Since the Los Angeles Rams hired General Manager Les Snead in 2012, the Rams have had very good success finding undrafted free agents (UDFA) at the conclusion of drafts who can stick on the roster long-term.
Whether it's a do-it-all Swiss army knife like Chicago Bears — and former Rams — RB Benny Cunningham, a top ten safety in the mold of Philadelphia Eagles — former Ram — FS Rodney McLeod, or a perennial All-Pro and Pro Bowler like P Johnny Hekker or even the great depth and core special teams signings of players like Daren Bates, Cody Davis, Chase Reynolds or Bradley Marquez, the Rams have routinely found contributors post-draft.
Have the Rams landed two more?
The Rams signed two players that stand out to me. There's obviously the signing of former Washington Huskies guard — though he'll play center for the Rams — Jake Eldrenkamp. But this time I'm looking at the less obvious.
DE/OLB Teidrick Smith and RB Lenard Tillery are two prospects that might have what it takes to make the team and then some.
Mary Hardin-Baylor DE/OLB Teidrick Smith
Smith is quite the specimen. First and foremost, he simply looks the part at 6’1” 240 with an absolute shredded physique. Just check out his Instagram page. Not that looking the part means much. Smith also simply plays the part.
He combines speed and power in a way that reminds me of a young James Harrison, minus the crazy demeanor. It’s actually quite impressive watching him convert speed into power, and vice versa. He sets the edge violently when defending the run, often times creating a tackle for loss for a teammate or just doing the entire job himself.
It looks like he enjoys blowing up guards or lead blockers on run plays almost like he’s waiting for it each time. He’s already a very good run defender which is something most pass rushers have to develop with time. That ability to play the run might be his key to making the roster. It’s one of the more exciting parts to this game.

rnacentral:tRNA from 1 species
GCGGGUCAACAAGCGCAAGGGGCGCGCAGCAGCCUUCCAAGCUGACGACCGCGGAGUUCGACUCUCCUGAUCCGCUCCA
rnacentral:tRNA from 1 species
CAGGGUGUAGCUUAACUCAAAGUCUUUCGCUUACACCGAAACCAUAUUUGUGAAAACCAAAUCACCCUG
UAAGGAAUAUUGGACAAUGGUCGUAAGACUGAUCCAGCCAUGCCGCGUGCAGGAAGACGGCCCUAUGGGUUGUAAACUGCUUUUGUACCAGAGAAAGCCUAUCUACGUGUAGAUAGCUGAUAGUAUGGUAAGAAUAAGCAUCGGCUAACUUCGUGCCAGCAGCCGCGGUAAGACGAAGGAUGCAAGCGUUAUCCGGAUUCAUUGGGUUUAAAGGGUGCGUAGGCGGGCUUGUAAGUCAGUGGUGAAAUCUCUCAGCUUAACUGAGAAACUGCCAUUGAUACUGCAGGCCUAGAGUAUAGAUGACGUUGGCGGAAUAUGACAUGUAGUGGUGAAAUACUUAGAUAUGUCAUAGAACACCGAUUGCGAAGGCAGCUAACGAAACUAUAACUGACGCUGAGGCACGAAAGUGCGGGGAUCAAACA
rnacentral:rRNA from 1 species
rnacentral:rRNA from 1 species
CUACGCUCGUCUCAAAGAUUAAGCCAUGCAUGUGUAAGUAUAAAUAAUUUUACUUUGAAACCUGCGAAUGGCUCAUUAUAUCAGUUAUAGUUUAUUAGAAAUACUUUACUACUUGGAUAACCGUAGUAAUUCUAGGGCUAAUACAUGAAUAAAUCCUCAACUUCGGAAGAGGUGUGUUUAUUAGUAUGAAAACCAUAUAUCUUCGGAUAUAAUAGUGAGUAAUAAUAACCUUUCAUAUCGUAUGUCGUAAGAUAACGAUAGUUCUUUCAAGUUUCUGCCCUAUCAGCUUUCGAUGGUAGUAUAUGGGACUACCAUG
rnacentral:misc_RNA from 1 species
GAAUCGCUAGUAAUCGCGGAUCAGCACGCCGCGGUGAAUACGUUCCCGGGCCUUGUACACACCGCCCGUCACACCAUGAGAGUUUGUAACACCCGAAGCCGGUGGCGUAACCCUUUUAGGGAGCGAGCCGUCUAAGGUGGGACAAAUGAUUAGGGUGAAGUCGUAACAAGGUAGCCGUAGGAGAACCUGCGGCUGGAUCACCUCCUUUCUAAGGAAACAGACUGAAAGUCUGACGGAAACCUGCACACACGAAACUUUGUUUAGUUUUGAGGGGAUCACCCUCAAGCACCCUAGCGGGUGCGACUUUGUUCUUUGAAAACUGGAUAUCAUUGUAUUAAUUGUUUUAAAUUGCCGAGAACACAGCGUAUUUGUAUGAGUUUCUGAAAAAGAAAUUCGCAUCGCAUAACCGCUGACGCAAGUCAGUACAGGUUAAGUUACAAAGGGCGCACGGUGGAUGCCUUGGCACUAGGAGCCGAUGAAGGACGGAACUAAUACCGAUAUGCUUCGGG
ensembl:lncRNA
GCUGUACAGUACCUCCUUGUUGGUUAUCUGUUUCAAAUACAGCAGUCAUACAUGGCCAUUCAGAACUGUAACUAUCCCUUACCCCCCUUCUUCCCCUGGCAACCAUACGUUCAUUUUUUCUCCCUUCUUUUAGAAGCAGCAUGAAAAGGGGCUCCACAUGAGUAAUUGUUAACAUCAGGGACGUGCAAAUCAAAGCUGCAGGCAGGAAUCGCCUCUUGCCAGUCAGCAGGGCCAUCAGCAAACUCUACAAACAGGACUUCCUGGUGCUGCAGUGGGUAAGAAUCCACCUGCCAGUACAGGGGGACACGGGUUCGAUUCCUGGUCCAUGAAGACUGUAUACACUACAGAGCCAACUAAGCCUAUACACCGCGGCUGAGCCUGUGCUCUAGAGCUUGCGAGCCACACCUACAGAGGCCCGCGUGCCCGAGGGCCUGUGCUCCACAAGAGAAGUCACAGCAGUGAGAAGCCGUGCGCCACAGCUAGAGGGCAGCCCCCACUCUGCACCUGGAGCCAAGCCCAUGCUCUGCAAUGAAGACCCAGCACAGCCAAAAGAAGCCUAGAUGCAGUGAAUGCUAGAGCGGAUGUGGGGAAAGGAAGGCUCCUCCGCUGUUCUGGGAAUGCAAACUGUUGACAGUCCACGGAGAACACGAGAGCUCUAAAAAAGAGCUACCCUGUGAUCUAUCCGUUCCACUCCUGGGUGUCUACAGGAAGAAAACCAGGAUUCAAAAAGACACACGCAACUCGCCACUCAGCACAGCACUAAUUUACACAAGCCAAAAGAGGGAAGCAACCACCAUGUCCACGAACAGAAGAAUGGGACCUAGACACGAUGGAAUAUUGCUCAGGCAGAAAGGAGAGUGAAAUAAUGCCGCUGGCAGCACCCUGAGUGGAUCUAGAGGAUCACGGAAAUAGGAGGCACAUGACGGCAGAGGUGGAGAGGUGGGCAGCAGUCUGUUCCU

He plays a very physical brand of football, and each sack looks like he hit the hit stick button. He literally blows the guy away on each tackle. He demonstrates one speed only, and that’s all in. Whether he’s coming around the edge for the sack or in pursuit of the ball carrier, he comes screaming like a missile every single time. The high effort that he regularly demonstrates is the kind of play and mentality that special teams coordinators crave. Special Teams Coordinator John “Bones” Fassel, will surely be eager to test him out on kick coverage when the pads are on in camp.
Then there’s his pass rush skills. Of course everything else about his game is nice, but it’s his ability to get to the quarterback that got this little known Division III prospect from Mary-Hardin Baylor University this golden opportunity.
Smith does an excellent job getting to the quarterback using a wide range of moves. He has very good hand usage, and it could even be described as advanced, considering the level he’s coming from and the fact that most college players lack consistent hands. He usually has a move for a move for a move, showing the ability to adjust to good blocks by throwing something else at the lineman back to back to back all during the same play. He can get around the edge using either speed or power, as he uses his natural leverage (6’1’ frame) to get under the lineman’s pads. His leg drive on the bull rush is highly impressive, and he has a blazing get off on the snap. At times, it looked like he knew the snap count.
Have a look at these almost unreal stats: